Now these guys are all great – and i have enjoyed spending time with every one of them . . .except Doug who still owes me $10 . . . but experience and research on emerging church [which is not rocket science] leads me to movements of equal or greater significance both in USA and outside. If you typed in "emerging church" on Google over the past few years, you would notice that the NUMBER ONE HIT is an English site sponsored by a 200 year old mission agency and published by people who have been doing this thing for the past 20 years. That site emergingchurch.info has only just now become second place to Wikipedia on google.com [still number one on Google.co.uk] and it does cause some light to be shed on the international nature of emerging church and whether Carson was correct in calling the emerging church an "American phenomenon". [i think not]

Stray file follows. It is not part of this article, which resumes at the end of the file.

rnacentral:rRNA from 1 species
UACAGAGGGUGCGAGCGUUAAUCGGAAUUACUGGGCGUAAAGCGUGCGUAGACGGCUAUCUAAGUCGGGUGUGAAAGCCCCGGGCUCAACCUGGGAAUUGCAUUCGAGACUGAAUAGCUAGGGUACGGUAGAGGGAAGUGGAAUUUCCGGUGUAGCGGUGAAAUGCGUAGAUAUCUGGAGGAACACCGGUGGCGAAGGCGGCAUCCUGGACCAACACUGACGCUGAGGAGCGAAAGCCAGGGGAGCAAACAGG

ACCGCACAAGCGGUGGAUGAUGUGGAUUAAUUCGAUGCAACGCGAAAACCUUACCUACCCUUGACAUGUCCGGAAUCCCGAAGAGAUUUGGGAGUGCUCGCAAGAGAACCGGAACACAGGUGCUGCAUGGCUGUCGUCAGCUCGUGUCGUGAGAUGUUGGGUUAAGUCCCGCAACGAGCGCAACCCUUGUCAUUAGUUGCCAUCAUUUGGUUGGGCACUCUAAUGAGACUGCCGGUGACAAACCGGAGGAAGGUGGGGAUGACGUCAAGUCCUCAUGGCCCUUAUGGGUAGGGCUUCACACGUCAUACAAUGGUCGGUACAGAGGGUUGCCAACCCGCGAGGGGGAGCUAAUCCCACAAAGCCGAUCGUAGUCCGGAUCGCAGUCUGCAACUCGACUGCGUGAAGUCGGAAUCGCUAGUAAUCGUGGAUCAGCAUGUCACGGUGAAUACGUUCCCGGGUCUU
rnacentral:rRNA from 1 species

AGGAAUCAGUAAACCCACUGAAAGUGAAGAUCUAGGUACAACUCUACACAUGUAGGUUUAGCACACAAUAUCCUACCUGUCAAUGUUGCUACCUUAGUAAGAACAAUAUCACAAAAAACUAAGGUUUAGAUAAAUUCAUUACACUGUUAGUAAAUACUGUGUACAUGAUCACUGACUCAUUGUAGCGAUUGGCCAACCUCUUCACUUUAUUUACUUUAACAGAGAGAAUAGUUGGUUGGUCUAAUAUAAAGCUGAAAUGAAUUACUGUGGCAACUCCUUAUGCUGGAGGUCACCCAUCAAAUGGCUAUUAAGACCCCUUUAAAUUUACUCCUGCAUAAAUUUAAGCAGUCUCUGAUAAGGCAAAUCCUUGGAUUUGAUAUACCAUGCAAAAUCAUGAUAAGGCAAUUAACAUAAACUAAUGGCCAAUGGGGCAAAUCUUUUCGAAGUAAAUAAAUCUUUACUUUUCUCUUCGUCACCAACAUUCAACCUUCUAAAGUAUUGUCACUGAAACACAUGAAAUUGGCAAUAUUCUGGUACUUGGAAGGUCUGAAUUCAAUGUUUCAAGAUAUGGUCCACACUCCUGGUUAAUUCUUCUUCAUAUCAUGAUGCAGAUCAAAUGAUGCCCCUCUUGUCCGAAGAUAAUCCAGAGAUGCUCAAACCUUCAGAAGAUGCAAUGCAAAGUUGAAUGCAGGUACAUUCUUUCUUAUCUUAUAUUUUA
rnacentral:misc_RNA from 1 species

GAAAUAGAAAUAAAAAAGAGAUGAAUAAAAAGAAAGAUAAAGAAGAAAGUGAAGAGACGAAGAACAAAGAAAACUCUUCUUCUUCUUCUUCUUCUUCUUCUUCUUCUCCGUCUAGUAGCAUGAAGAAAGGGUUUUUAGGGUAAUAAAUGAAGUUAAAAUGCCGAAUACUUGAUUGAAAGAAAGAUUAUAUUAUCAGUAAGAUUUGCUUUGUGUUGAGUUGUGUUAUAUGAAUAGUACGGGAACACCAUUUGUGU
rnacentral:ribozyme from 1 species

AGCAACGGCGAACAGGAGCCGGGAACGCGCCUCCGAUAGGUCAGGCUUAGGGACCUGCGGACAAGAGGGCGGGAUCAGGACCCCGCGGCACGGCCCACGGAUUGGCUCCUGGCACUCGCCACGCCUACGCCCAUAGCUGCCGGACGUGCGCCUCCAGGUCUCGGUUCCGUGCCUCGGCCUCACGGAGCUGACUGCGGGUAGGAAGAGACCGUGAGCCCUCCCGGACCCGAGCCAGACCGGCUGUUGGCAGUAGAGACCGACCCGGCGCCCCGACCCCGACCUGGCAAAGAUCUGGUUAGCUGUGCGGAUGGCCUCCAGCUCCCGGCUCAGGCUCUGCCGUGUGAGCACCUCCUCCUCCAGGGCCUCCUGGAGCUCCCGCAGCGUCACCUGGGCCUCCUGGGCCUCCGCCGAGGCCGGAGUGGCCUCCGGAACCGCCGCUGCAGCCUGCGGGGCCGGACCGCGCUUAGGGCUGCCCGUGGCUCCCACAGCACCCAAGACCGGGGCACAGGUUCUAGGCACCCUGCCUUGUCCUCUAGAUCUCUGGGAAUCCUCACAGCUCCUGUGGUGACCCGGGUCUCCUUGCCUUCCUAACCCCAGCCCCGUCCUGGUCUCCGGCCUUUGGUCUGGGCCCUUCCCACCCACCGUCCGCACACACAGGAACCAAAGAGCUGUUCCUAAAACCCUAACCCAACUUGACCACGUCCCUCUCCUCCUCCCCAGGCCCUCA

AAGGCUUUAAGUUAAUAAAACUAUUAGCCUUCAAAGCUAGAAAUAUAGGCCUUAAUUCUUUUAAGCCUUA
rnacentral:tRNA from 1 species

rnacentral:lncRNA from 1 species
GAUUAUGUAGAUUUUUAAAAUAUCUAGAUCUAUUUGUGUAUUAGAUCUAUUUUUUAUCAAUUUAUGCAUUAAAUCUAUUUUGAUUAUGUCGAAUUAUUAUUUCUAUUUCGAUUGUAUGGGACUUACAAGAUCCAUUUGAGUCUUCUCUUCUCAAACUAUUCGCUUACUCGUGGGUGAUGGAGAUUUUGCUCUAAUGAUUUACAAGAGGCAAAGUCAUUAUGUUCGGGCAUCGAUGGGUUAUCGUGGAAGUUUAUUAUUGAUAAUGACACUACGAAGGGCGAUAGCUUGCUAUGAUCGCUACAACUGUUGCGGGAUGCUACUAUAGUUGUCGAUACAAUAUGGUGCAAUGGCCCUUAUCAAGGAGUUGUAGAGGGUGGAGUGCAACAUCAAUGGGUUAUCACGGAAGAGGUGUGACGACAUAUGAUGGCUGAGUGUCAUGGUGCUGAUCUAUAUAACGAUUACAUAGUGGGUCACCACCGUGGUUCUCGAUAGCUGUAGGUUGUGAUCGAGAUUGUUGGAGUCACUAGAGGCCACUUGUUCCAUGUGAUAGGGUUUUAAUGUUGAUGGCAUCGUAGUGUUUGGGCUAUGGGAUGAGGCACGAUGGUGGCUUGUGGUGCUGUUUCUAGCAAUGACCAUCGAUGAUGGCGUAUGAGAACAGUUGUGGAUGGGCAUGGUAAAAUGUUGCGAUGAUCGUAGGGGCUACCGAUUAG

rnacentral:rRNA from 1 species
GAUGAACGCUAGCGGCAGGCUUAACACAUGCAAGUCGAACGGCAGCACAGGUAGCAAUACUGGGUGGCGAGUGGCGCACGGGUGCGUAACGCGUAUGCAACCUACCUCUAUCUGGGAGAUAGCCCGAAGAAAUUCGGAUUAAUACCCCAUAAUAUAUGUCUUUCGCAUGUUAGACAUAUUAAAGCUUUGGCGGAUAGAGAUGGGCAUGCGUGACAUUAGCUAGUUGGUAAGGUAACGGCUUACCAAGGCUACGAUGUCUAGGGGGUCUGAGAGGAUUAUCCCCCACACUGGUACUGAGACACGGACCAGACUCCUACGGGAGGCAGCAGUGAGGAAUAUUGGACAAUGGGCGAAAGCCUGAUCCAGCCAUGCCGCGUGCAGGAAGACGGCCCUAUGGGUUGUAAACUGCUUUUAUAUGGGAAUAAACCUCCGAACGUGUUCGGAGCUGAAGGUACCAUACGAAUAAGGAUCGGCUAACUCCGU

I love Americans . . I even married one and now have 5 American children . . and I love In-N-Out Burger [God-bless-it] .. . but when it comes to things like the emerging church movement, I have noticed that Americans tend to come late for dinner and then leave before dessert. And during that very brief exposure, they manage to publish a thousand authoritative books on their experience. Lets stay hopeful that John MacArthur, famous for his meticulous and exhaustive research, will buck this trend. And if not, we will just have to treat John’s book as a criticism of a very small corner of emerging church which may/may not be relevant to the majority. . . like we did with Don’s book.